Monday, January 19, 2009

My Conversion Story, Continued...

Well, I said in my last post that I might soon be posting using the power of the penguin. Well, I was right to expect that installing Fedora (Yes, I changed my mind yet again) would be easy, I just had no idea how easy it would be. The whole thing was gravy. When I install XP, I have to install all the drivers just to use the Internet. In this case, my wireless card was detected right away and Firefox was already sitting on the taskbar. I still had to tinker with a few things, but the issues were fixed in a matter of seconds.

The GUI bears some similarities with Macs, and because both Mac and Linux are UNIX-based, so does the filesystem. I was raised a good MS-DOS kiddie by my father since my first computer, and opening up the terminal, find this new shell very foreign. Many of the commands I was used to no longer work, and it's strange to have to enter the root password to access parts of the filesystem, but it's obvious how much more secure it is. I'm revelling in my new-found immunity to Windows viruses/worms/exploits/cracks and the large community of bothersome script-kiddies.

I'm still getting used to using shell commands, and Fedora 10 has some known issues with my particular graphics chipset. It makes rendering in Firefox a little sluggish and wonky. There's a fix, but frankly, it's a not a big enough nuisance that I'm in a hurry to try it right away. Worst case scenario means I have to rebuild my driver from the bottom up, but I don't think it will come to that. Beyond that, any issues I've had with Fedora are purely ones of orientation. I still am not quite so comfortable kicking around the system.

I did find everything I needed to get work done on my system though. I can read and write Word documents (though I should probably find a reader for the new office formats). It comes with, as well as some fun stuff, like DOOM. (You have to unpack these from Add/Remove Programs) It even has LaTeX and TeX installations ready for you should you want it. Sure it's easy enough with Windows, but I like an operating system that knows what I like. (Yeah, as an undergrad I don't really find as much occassion to use it, but I like having it anyway.)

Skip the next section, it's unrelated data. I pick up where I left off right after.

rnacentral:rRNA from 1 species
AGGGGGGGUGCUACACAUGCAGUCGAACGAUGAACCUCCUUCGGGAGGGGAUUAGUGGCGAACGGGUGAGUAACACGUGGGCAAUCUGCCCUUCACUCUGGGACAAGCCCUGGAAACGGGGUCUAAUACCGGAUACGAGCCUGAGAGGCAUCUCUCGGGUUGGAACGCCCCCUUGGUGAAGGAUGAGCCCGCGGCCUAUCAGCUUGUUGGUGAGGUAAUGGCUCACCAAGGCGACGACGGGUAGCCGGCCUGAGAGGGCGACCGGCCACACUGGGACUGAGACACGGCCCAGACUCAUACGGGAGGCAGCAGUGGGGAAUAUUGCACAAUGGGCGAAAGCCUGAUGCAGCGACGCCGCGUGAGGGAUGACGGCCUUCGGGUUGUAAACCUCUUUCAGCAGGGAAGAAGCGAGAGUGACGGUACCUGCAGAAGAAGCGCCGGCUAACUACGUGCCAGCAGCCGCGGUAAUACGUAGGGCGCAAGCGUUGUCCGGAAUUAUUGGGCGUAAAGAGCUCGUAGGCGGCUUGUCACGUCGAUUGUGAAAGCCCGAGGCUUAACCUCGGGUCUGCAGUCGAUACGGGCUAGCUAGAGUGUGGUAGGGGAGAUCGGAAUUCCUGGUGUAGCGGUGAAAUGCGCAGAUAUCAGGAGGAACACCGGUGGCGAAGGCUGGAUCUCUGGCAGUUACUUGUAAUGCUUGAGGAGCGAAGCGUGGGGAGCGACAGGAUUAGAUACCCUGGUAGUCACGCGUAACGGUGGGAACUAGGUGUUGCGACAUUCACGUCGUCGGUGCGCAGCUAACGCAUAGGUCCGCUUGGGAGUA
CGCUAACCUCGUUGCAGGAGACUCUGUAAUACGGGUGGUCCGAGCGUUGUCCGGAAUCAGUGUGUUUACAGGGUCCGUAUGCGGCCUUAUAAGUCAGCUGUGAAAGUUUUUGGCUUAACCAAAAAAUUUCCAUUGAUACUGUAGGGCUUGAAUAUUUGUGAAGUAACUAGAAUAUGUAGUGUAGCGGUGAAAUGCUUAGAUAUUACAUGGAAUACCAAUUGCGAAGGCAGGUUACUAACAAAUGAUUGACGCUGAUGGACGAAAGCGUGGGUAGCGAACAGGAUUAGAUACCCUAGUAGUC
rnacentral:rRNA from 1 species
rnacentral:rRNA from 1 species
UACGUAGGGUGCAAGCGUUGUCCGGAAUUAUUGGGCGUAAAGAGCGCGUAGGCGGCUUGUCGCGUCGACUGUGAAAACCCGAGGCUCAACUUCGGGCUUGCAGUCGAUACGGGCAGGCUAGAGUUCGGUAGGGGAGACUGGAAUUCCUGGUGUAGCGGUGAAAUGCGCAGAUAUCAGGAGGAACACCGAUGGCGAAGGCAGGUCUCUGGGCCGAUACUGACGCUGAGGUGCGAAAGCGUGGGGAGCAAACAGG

One application that I'm going to find useful is Alexandria Book Collection Manager. I was thinking about making a database or a quick and dirty VB or VC++ app, but I never got around to the task, now I guess I don't have to. (Thank God, I would have had to learn VB or VC++, ugh)

The GIMP comes installed, which beats MS-Paint into the ground and steals its lunch money. I even used it back when I had Windows, even though I was still a Paint fiend when I needed quick and dirty diagrams. That was mainly because I wasn't all too sure how to use GIMP but like other Linux issues I find it's simply a matter of adjustment.

The one thing about Linux, and really the only thing, that makes me raise an eyebrow, is complicated installation of programs and add-ons in Linux. I'm not used to being so involved in the installation at the shell level, and you don't ever see that in Windows. There HAS to be a way around that, even if only through reprogramming the kernel. Oh, I'll do it if I have to. (No I won't)

All in all, I have to say I'm a fan. There's really no reason so far for me to go back to windows. Sure, I like playing computer games, but I already have a video game console. Meanwhile, so long as I can play Tetris clones Powder (Warning: addictive) on my PC, I'm okay. Suck it Winblows!


  1. GIMP is a lot like photoshop, except open source. I use it a lot for my comics.

  2. Okay, I have to say, the comics are a lot of fun. Also, that's a goddamn machete.


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